“Road Trip!” she shouted. “Let’s go to Woodstock! You can’t write a rock and roll blog without ever going to Woodstock! Not when we’re so close!” How could I ignore that level of energy and enthusiasm? She was right, I needed to go. I had actually been thinking about Woodstock earlier in the weekend when John tagged me in a Facebook post with this gorgeously haunting video by Good Harvest:
So we were off, leaving from Hobart, the Book Village of the Catskills (where I was attending the Hobart Festival of Women Writers) and heading towards Woodstock…
I should mention my very enthusiastic traveling companion is my friend Linda, who appeared in my life first as a local writing icon, then became a writing instructor, and now she is my friend, mentor, and cheerleader. Linda was the one who encouraged me to blog about my band wife experience and even came up with the name of the website!! She keeps me focused and accountable, all the while singing my praises to anyone who will listen!
As we got closer to Woodstock, she took a slight detour down Mink Hollow Road, where Todd Rundgren used to live and record. When she was younger, she drove down this road, hoping to maybe catch a glimpse of Todd, this talented guy she was crushing on. We started feeling a bit stalkerish, driving down this narrow country road, wondering if at some point we would be found out, but then we came to the end of the road and it was actually a trail head, so we didn’t have to worry about some sheriff stopping us and asking who we were there to bother.
From down the road, Woodstock could be just any small town in upstate New York. As we drove into town, something seemed different. Maybe it was that first parking lot that had a popup tie dye sale going on. Linda was especially excited because she had been in Woodstock a couple of other times, but the shops were dark and the streets empty. She was thrilled that she would be able to get inside some of the shops this time around.
There were a disproportionate number of antique and head shops in town. The very first one we came to had tie dye and banners on the outside, with statues of Jake and Elwood Blues (of Blues Brothers fame) sitting on chairs in the garden.
There was a bench out front with a sign that said’ “Try this on! Take a picture!” ‘This’ was a patchwork coat of many colors, pieced together with gorgeous fabrics that hippie sundresses were made of, and a top hat. Linda pleaded and cajoled until I got enough courage to put the hat on my head, trying not to think about all the heads, clean and otherwise, that it had been on before me. She then took a couple of glamor shots (this is the shot I like the best!) I felt like a real flower child.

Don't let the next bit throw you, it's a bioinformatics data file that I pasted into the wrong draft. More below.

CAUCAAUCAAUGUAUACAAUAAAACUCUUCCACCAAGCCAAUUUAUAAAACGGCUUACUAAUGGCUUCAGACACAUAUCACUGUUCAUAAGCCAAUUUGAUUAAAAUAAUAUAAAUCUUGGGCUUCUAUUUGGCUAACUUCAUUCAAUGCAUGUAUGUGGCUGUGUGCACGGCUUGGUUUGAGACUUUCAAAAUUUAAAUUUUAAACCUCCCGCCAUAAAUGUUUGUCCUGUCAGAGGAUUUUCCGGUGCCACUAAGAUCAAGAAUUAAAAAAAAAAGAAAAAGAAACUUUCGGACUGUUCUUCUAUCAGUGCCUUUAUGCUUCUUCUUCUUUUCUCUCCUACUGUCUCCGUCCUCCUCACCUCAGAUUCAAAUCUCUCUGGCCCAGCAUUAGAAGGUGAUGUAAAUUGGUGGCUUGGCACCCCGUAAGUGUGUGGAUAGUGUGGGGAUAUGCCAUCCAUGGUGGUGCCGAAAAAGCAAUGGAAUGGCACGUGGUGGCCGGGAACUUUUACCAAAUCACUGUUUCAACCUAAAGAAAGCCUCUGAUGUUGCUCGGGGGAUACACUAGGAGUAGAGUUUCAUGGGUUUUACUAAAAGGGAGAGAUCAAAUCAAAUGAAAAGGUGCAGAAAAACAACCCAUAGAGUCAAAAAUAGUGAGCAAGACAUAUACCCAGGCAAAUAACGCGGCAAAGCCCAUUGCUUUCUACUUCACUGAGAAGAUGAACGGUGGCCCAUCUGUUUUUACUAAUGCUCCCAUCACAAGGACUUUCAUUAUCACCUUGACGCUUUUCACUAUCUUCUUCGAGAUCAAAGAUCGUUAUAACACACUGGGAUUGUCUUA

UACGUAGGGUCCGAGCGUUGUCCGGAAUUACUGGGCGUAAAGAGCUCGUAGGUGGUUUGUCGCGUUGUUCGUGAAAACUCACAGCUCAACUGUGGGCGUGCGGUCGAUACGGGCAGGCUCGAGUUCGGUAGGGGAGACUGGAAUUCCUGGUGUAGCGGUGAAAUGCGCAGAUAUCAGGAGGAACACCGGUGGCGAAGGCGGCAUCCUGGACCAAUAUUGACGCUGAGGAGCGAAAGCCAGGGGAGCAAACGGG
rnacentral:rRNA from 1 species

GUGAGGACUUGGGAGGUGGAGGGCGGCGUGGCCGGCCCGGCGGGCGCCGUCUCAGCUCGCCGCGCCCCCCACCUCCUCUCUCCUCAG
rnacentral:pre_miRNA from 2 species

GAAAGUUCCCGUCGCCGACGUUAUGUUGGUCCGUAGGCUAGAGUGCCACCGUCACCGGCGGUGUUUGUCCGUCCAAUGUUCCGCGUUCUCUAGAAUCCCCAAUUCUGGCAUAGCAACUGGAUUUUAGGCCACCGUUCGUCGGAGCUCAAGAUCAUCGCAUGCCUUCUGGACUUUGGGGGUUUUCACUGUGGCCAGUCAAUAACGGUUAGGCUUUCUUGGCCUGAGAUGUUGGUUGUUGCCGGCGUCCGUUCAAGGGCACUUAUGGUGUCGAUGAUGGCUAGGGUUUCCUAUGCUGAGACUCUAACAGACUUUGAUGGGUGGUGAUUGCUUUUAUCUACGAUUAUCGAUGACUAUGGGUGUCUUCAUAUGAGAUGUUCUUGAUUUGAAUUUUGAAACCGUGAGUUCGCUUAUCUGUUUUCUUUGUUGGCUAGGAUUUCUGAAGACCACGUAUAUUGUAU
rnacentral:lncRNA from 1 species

It was cool to check out all the memorabilia from the era when the original gathering happened all those years ago at Yasgar’s farm. Among the souvenier shops were antique shops with stuff from the 60’s and 70’s, items that people would pick up and take home so they can have a touchstone to their past. There was an abundance of lighters, bongs, incense, and other paraphernalia. We skimmed a few of those shops and lingered over the jewelry and trinkets. We got ourselves matching bangles (the Bangle Sisters, we decided to call ourselves, a nod to the Susan Sarandon and Goldie Hawn characters in the movie The Banger Sisters, another groupie movie.)
We then happened upon a cupcake shop. Peace, Love, and Cupcakes. I made a comment about hipsters and cupcakes and how I could make a whole cake for the price of one of those treats, but then we saw that they were named the best cake in the country by the Food Network, so of course, we had to step in. In a very small storefront was a bake case with gorgeously frosted cupcakes. Most of them were named after famous musicians.
Kristina was really helpful and talked us through some of the most popular ones. Linda picked the Bob Dylan (carrot cake with cream cheese frosting), I tried the Joe Cocker (caramel) , and we picked the Jimi Hendrix for later (intense chocolate cake with triple shot mocha frosting). And let me tell you, despite all my complaining about spending too much money, this cupcake was incredible. Kristina is also a band manager and she had some tricks of the trade to share with this newbie.
One of the shops we walked by had some singing bowls in the window and Linda just had to stop by. I had never heard of them before, and Linda owns and plays them, so it gave me some insight into the musical talent of the woman who taught me to write about mine! The man there let us try some of them out and showed us how he teased music out of them (he told us that Buddhists strike the bowls, not circle around the rim.)
It was a little after 4, and the community drum circle had started. Every Sunday, people gather with drums and tambourines and all matter of percussion to drum away the afternoon. Didn’t bring any instruments? Don’t worry, they roll out a huge box full of maracas and tambourines and cymbals so everyone can join in.
My new favorite percussion instrument, the cajon, was among the drums being played. These people drummed and drummed and then drummed some more. When one song ended, another beat would start right up and everyone continued. People drifted in and out of the square and danced and swayed and became one with the music. We decided to have an early dinner in the outdoor café which gave us a seat right next to all the action. I love how they do this every single week (weather permitting.)
As the sun started to set and we headed towards home, I was so grateful for Linda’s spontaneity. I would never have stopped to smell the patchouli if it weren’t for her telling me to experience everything rock and roll. Now the band wives will be planning a visit next summer. I can see Bridgette dancing to the beat already!